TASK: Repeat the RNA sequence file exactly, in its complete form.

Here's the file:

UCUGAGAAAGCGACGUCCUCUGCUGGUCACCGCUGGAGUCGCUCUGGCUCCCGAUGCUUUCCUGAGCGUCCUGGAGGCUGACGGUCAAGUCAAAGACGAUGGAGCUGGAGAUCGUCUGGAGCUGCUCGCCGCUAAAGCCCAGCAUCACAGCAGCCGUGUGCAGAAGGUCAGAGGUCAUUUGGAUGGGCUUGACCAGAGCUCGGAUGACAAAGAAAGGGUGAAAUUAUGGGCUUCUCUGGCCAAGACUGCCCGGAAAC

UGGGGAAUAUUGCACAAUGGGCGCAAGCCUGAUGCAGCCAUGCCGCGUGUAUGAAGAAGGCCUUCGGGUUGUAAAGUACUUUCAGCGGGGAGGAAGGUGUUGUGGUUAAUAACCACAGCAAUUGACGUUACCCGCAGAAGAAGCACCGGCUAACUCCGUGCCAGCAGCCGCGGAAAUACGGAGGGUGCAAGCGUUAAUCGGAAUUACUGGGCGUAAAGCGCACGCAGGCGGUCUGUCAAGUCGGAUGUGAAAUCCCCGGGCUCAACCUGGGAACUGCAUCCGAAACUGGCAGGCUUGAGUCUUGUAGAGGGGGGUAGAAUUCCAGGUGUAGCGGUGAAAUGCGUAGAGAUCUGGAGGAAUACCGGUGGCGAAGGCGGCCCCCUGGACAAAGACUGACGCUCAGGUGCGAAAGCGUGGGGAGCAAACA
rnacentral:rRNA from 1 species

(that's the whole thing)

UCUGAGAAAGCGACGUCCUCUGCUGGUCACCGCUGGAGUCGCUCUGGCUCCCGAUGCUUUCCUGAGCGUCCUGGAGGCUGACGGUCAAGUCAAAGACGAUGGAGCUGGAGAUCGUCUGGAGCUGCUCGCCGCUAAAGCCCAGCAUCACAGCAGCCGUGUGCAGAAGGUCAGAGGUCAUUUGGAUGGGCUUGACCAGAGCUCGGAUGACAAAGAAAGGGUGAAAUUAUGGGCUUCUCUGGCCAAGACUGCCCGGAAAC

UGGGGAAUAUUGCACAAUGGGCGCAAGCCUGAUGCAGCCAUGCCGCGUGUAUGAAGAAGGCCUUCGGGUUGUAAAGUACUUUCAGCGGGGAGGAAGGUGUUGUGGUUAAUAACCACAGCAAUUGACGUUACCCGCAGAAGAAGCACCGGCUAACUCCGUGCCAGCAGCCGCGGAAAUACGGAGGGUGCAAGCGUUAAUCGGAAUUACUGGGCGUAAAGCGCACGCAGGCGGUCUGUCAAGUCGGAUGUGAAAUCCCCGGGCUCAACCUGGGAACUGCAUCCGAAACUGGCAGGCUUGAGUCUUGUAGAGGGGGGUAGAAUUCCAGGUGUAGCGGUGAAAUGCGUAGAGAUCUGGAGGAAUACCGGUGGCGAAGGCGGCCCCCUGGACAAAGACUGACGCUCAGGUGCGAAAGCGUGGGGAGCAAACA
rnacentral:rRNA from 1 species